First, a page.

First off, I want to wish a happy Easter to the Wong family. Especially to Father Pete, the Episcopalian priest who taught me, a non-Episcopalian, to say “And also with you,” at the appropriate time during a ‘Piskie service. These words are code for, “I love you.”
He was the same clergyman who once told me, as it says in Scripture, that whenever two or three Episcopalians are gathered, there is a fifth.
Happy Easter to Tessa, who is in the ICU with a serious infection right now. Tessa (age 23) will be celebrating this holiday by binge watching “Monk” episodes with her dad. Her father, a Lutheran minister, will be skipping his first Easter Sunday service in 22 years to sit beside his sick child.
“Pray for my daughter,” says Tessa’s dad. “Please.”
And to Don, who was stuck in traffic when he sent me an email from his phone this morning. Don is trying to make it to Georgia to see his newborn boy, Joshua, born last night at 11:43 p.m.
Don was on a business trip in Indiana and missed the agonizing childbirth. Thankfully, Don’s sister-in-law videoed the entire messy experience in great detail, then sent it to Don. Don watched the video and remarked: “Just imagine passing a kidney stone the size of a second-grader.”
Happy Easter to Aaron and April, my distant cousins, who are having Easter dinner with their daughters Rachel and Kendall, and all their friends. And especially to Aaron, who helped me move a heavy couch today and walked with a limp thereafter no matter how much medicinal beer we administered. The least I can do is mention his name here.
To Veronica, the Guatemalan woman who has been waiting on her U.S. citizenship to be approved for two years. She was approved yesterday. “I am an American now,” said Veronica. “I am weeping as I write this because I am so proud to be American.”
Happy Easter to George and Janet who, last Wednesday, were forced to put their 14-year-old Labrador to sleep. The dog’s name was Suzie.
To Bree (21) who lost her mother in a car accident on Monday. While many are in church, Bree will be preparing a funeral for her mother.
“I honestly don’t know what I’m going to do with my life now,” she said. “If you could, pray for me, please. I miss calling her on the phone.”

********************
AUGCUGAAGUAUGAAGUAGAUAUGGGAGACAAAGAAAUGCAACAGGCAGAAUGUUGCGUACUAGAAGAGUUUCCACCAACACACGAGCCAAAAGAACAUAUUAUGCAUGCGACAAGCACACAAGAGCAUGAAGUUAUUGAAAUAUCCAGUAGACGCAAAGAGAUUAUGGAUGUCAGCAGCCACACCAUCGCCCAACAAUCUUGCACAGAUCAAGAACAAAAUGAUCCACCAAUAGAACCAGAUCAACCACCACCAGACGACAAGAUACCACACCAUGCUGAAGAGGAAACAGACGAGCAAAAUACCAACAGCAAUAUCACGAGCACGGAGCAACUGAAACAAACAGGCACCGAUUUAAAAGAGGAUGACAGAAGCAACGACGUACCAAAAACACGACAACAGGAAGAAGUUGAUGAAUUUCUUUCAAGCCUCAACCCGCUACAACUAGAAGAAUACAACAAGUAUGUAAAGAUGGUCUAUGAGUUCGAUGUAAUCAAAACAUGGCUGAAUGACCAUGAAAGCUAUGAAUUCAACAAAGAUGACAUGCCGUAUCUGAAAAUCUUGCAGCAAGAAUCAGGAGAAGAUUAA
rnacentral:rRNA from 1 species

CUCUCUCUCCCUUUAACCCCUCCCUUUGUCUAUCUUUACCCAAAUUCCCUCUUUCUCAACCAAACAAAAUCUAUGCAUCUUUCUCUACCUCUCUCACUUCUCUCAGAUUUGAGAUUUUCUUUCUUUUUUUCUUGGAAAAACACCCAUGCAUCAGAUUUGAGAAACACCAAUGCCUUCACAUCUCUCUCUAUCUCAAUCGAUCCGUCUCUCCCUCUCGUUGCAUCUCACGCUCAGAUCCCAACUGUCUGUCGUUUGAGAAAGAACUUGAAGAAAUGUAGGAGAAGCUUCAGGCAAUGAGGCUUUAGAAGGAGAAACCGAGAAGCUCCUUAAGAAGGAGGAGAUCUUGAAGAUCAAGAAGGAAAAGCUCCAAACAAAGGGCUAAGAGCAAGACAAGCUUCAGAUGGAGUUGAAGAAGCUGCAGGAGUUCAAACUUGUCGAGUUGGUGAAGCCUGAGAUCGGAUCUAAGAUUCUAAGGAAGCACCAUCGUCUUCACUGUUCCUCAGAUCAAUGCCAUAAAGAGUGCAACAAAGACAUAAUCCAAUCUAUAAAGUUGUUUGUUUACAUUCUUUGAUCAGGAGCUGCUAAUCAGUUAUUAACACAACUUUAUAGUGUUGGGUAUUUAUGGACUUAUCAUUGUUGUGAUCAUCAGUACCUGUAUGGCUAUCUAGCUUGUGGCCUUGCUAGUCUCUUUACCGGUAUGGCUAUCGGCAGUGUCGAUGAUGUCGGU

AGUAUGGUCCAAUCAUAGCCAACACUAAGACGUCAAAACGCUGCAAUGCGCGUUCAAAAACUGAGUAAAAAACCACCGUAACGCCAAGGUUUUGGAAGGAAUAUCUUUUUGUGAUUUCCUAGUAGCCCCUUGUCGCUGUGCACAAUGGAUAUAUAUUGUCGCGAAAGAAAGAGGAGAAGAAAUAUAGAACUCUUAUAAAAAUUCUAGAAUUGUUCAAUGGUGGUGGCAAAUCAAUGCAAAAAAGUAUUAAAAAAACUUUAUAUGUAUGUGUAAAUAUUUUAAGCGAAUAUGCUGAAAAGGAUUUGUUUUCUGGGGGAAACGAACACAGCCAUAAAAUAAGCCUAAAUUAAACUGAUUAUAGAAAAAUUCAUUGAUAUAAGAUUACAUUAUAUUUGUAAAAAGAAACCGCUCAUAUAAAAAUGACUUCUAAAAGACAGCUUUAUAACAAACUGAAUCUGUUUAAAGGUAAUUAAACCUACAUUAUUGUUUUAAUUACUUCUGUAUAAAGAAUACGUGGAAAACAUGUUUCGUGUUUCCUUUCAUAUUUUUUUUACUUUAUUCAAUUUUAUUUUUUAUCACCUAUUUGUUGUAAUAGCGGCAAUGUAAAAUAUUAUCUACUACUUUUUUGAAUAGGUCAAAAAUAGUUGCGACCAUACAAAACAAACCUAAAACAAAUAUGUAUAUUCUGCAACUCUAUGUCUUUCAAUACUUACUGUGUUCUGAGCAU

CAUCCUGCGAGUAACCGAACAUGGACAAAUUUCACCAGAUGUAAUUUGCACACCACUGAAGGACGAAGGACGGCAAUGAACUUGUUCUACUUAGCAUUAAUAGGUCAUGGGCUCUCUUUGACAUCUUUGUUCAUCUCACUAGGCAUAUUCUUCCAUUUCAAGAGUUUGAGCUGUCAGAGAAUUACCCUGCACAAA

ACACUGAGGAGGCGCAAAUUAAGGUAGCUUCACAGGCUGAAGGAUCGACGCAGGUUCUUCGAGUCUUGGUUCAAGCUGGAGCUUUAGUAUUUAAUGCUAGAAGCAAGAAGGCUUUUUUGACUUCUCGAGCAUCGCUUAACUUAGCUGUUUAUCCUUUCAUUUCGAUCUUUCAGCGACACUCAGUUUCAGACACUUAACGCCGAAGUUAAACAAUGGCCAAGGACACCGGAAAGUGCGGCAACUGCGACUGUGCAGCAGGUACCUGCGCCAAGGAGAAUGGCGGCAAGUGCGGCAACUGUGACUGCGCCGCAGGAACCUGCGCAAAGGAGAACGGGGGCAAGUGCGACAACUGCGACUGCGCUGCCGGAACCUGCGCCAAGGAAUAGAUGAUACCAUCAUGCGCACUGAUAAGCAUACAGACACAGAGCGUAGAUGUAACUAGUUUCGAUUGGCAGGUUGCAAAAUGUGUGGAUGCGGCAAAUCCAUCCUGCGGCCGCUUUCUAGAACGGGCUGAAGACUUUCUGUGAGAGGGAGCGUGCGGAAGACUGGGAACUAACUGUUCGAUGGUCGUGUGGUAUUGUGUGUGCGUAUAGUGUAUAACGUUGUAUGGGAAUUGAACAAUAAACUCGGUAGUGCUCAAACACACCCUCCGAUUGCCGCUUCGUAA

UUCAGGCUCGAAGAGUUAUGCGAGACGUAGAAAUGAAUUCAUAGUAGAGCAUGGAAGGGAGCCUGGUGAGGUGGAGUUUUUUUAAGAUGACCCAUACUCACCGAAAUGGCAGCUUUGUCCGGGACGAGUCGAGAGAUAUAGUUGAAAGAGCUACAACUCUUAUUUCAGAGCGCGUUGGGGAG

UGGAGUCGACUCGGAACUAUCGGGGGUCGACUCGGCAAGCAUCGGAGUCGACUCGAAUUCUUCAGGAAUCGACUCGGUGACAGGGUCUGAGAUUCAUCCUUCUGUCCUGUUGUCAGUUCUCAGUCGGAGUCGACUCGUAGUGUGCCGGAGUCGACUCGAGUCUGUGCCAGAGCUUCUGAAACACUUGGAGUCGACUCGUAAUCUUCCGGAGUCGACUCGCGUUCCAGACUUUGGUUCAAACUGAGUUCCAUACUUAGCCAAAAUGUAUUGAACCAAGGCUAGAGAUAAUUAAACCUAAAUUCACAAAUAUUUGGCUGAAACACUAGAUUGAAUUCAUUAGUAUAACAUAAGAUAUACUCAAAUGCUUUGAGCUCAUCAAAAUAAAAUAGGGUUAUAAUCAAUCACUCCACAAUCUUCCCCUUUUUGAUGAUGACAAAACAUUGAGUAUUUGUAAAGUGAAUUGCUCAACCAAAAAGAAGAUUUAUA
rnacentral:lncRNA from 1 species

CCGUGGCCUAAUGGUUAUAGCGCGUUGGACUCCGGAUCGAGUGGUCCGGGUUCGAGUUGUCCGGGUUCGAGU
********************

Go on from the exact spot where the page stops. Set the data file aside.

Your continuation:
Also, while you’re at it, pray for Robbie (10) and Paul (13), brothers whose father left this world last year by his own hand.
This will be the boys’ first Easter without him, and they’re a mess. This holiday will be particularly difficult because their father always sang bass in the choir. Said the boys’ mother: “My boys are going to remember their dad by going fishing.”
To the family of Wallace Mann, the white-haired retired preacher I met by accident on the side of the road. He was selling vegetables at a vegetable stand in Reeltown, Alabama. He sold tomatoes that were beautiful enough to cause palpitations.
Wallace was the nicest man I ever knew. Shortly before he died, he hugged me from his wheelchair and said, “God don’t play favorites, son, but if he did, you’d be it.” Which he probably said to everyone. He died on Easter Sunday a few years ago.
To Brother John and Miss Delores, of Brewton, Alabama. Brother John is the same elderly country preacher who once told me that ice cream was proof that God loved us. Then, like all steadfast Baptists, he took me to Shoney’s.
To Mama. This will be the first Easter I’ll be spending in another state, away from the woman who raised me. A single woman who endured hard times, low wages, and thankless work to bring up two children in the face of perdition.
Happy Easter to my sister, Sarah, and her husband, Paul, and my two towheaded nieces Lily (Uncle Lily), and Lucy (Stinky), who make “enthusiasm” an inadequate word.
To you. No matter who you are. No matter what you’re feeling. No matter what private hell you’re going through. No matter what obstacle you’re trying to surmount. No matter what kind of sadness you’re wading through, no matter what kind of uncertainty is wrecking your sanity. I speak from my heart when I say:
And also with you.